A Major Bank Run In Bulgaria Could Have Stemmed From A Nasty Showdown Between Two Men

Bulgaria has been in the midst of a terrifying bank run unlike any they have seen in the past 17 years.

Bank runs at Corporate Commercial Bank (Corpbank) and First Investment Bank, the fourth and third largest banks in Bulgaria, began in June after customers began to receive messages via text, email and even Facebook telling them to pull funds from some of the nation’s biggest banks.

The Bulgarian central bank took control of Corpbank after over 20% of its deposits were yanked out in a week.

Meanwhile, depositors withdrew €400 million ($547 million) from First Investment Bank on June 27.

The run on Corpbank is said to have stemmed from a rivalry between Tsvetan Vassilev, the bank’s largest shareholder, and Delyan Peevski a member of parliament, according to Jack Ewing and Georgi Kantchev at The New York Times. From the NYTimes:

By some accounts, the crisis at K.T.B., which is controlled by Mr. Vassilev, began when Mr. Peevski withdrew large amounts of money. According to this version of the story, allies of Mr. Vassilev retaliated by spreading rumours about F.I.B., where Mr. Peevski was believed to have deposited the money he had taken out of K.T.B. Both banks were vulnerable because they had attracted deposits by paying unusually high interest rates.

“It’s really the war between the two oligarchs that has created a problem with those banks,” said Tsveta Petrova, an analyst at the Eurasia Group, a political-risk consulting firm. “It’s not a problem with the banking system.”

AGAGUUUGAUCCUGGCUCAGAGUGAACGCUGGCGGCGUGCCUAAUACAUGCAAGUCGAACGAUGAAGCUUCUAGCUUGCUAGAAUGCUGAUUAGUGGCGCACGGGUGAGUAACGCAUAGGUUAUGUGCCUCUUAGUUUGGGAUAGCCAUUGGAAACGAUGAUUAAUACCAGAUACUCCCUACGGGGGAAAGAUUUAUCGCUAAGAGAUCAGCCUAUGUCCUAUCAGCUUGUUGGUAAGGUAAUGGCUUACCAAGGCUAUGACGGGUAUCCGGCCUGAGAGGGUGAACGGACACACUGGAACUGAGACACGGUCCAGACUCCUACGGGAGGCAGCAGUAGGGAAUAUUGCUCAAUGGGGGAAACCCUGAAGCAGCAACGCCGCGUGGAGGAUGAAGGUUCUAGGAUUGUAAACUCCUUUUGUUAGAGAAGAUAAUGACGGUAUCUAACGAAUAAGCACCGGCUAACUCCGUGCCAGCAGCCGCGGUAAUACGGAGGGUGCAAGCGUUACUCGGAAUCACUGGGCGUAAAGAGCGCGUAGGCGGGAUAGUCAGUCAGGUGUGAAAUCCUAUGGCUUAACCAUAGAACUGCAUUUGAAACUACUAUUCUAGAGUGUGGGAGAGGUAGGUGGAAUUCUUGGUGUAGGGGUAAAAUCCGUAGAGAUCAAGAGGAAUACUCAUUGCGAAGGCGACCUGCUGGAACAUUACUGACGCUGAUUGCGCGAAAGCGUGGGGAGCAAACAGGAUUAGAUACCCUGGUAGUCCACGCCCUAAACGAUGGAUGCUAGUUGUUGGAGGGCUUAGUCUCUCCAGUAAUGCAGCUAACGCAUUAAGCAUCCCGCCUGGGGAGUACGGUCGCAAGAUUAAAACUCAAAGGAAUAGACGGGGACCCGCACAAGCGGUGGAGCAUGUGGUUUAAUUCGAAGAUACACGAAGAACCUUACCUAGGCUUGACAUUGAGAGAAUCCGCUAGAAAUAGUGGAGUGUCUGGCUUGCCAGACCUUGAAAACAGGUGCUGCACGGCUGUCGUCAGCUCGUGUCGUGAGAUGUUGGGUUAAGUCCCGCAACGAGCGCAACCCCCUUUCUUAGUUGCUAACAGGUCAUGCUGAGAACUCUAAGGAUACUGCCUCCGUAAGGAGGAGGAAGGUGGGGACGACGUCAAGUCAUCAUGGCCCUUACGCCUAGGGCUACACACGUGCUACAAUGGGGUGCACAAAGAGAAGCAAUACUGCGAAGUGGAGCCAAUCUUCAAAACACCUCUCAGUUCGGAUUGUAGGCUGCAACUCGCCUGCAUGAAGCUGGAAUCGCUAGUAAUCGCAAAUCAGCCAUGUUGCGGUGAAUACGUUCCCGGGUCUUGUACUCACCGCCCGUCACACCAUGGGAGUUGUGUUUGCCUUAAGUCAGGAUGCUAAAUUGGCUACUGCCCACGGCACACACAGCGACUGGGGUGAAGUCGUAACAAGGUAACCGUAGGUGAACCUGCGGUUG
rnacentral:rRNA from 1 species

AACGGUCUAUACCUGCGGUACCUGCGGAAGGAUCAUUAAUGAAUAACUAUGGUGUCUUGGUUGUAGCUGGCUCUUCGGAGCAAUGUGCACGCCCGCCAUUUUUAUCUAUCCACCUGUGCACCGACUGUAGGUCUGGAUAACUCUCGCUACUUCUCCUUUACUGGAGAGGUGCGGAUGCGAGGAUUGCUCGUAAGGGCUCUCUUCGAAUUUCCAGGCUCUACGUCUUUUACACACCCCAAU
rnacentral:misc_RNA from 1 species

This has come amid a political rout in Bulgaria which is expected to see prime minister Plamen Oresharski resign soon, and to face elections on October 5.

Six people have been arrested over the weekend on suspicions over their involvement.

The European Commission provided an emergency credit line in the amount of 3.3 billion Bulgarian lev ($2.3 billion) to maintain liquidity in Bulgaria’s banking sector.

The Bulgarian National Bank has moved to criminalise the dissemination of “misleading or false information or any other information about any bank or financial institution, which may lead to causing commotion and fear in the population.” The amendment to the Penal Code asks for a prison term of two to five years. It also asks for a harsher sentence and a fine if such “activities” cause “significant damages or have afforded significant illegal incomes.”

Bulgarian President Rosen Plevneliev has reiterated that the nation’s banking sector is in fact “stable, well regulated and capitalised,” according to Bloomberg.

For now the emergency credit line seems to have helped stem the crisis, and analysts don’t expect this to spread to foreign banks in Bulgaria. But it will be some time yet before we understand what truly drove Bulgaria’s bank run.

Corpbank is still closed, but First Investment Bank resumed operations on Monday.

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